I spent 10 years of my life in Marsascala. While I grew up in the UK, I always say that I really grew up in that town.
For several years, I lived in an apartment overlooking the water. Every morning, the church bells would ring so loudly that it felt like they were in the room with me. I would walk down to ‘the bay’, as we called it, and stop for a coffee in any cafe that had someone I knew sat outside. Because that’s the kind of place Marsascala is.
When I look back over my time there, it’s bittersweet, but at the heart of everything was that bay. During that 10 years, I spent countless evenings sitting at various points along it. I remember eating dubiously cooked chicken and salty sausages on a portable barbecue while listening to reggae out of a tinny mobile phone speaker. I remember sharing wine in plastic cups, perched on impossibly uncomfortable bits of rock.
The craggy shores of ‘the bay’ is where we went to swim, to jump, to snorkel, and to sunbathe and to generally look around and remember how lucky we were. It cost us nothing just to rock up with a towel and some water, but we were rewarded with peace and a stunning view. I cannot count the number of sunsets I’ve marveled at while being sat at various points around that bay.
Then in the winter, I would always head down to watch the enormous waves rolling in and crashing over the railings of the promenade. A particularly blustery day would draw small groups of people, nervously clutching their camera phones as they tried to get a good shot while dodging tendrils of spray.
Whenever I wanted time to myself, the bay is where I always headed. With headphones in, I would seek out a small space, tucked away from the sight of the road, and sit, staring at the water and mulling my thoughts. It was also a place where heart-to-hearts and late-night chats took place. I know many relationships that have started and ended along those shores.
I am not ashamed to say that several times that bay has listened to my problems and been there when I have reached low points. At these times, there was nowhere else I would rather be than sat by the sea watching the ripples on the water, the light of a lone diver, or just the reflection of the moon.
Watching the fishing boats coming in and out before displaying their wares on the harbour was a fine morning pastime. As was being judged by the eyes of the brightly coloured Luzzus as you stumbled home after one wine too many.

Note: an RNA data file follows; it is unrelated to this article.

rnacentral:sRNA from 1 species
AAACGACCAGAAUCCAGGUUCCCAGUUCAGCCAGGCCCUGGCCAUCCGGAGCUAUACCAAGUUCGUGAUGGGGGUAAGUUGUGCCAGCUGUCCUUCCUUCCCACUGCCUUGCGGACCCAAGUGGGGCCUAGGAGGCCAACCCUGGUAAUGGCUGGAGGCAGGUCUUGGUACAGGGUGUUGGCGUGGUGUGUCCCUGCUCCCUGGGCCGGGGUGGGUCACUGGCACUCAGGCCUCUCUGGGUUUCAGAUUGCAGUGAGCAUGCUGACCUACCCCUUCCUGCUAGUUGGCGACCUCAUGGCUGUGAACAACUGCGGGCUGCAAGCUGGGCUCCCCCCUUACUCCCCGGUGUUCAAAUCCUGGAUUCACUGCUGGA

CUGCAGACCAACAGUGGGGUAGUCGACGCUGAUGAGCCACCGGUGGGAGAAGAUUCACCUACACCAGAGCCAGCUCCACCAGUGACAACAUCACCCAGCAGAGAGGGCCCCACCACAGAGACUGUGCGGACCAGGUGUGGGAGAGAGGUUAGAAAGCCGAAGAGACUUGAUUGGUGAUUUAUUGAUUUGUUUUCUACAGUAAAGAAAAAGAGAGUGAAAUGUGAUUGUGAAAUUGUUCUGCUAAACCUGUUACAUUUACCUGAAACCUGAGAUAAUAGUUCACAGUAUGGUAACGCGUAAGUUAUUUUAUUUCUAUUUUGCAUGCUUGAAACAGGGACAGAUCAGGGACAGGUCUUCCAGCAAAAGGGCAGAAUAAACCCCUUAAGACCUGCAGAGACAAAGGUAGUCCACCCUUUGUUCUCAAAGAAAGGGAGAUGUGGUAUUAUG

It was always interesting to watch the parade of people passing by, peacocking in their finest outfits, especially on a Saturday night or Sunday morning. It’s a place where children played and ran, where scooters and rollerblades were tested out, and where joggers struggled on despite the often blistering heat.
I also recall seeing photos of old Marsascala hanging on the wall of one cafe. We would always marvel at how it had changed, but the consensus was that enough was enough, and it should remain as it is today.
The people of Marsascala don’t want a luxury yacht marina for 700 yachts. They want a central point for their community. Somewhere to meet friends, relax, people, watch, sit and eat crepes, and watch the world go by. They want a beautiful stretch of rocky coast that will allow them to continue making memories like the ones I have described. They also want that for their children.
Perhaps I would have taken my daughter there one day. To let her ride her bike along the front, to make new friends, and to let her admire the view. But if this marina goes ahead, this is very unlikely.
What interest does the average person have in a 700-berth yacht marina? I don’t want to snorkel in human excrement and pollution from millionaires’ boats. I don’t want to eat and drink in overpriced restaurants catering only to the elite. Nor do I want to have my view of the bay and ocean, interrupted by the masts of money laundering and those who have profited from God knows what.
The island is full of these places. Sliema, Gzira, St Julians, Vittoriosa and Senglea. There is no need for any more.
These plans will irreversibly damage one of the most precious parts of Malta. That bay is the heart of Marsascala, as are the small businesses that line it.
If this project goes ahead, they will all be pushed out, as will the locals and the families that have visited there for years. Memories like mine and countless others will be forgotten and no more will be made, except for by those who can afford to pay for them.
But this is one of the hallmarks of this government. Discount prosecco socialists who care only for their pockets and those of their band of merry thieves. They want to project an image of grandeur and wealth, while the reality, tucked away in the backstreets of a small fishing town, is much different.
A reality where people are struggling to afford to rent poorly constructed washrooms and garages. A reality where corruption is crippling the country and robbing the public purse. And a reality where ex-pats are leaving in droves, sick of clouds of concrete dust, drilling, and Paris prices.
Day-by-day, brick-by-brick, Malta is losing most of what once made it special. Its people are disillusioned or brainwashed, and the government simply doesn’t care. The plan for Marsascala is another nail in Malta’s coffin. But more than that, it would signal the destruction of many memories, many future memories, and an entire community.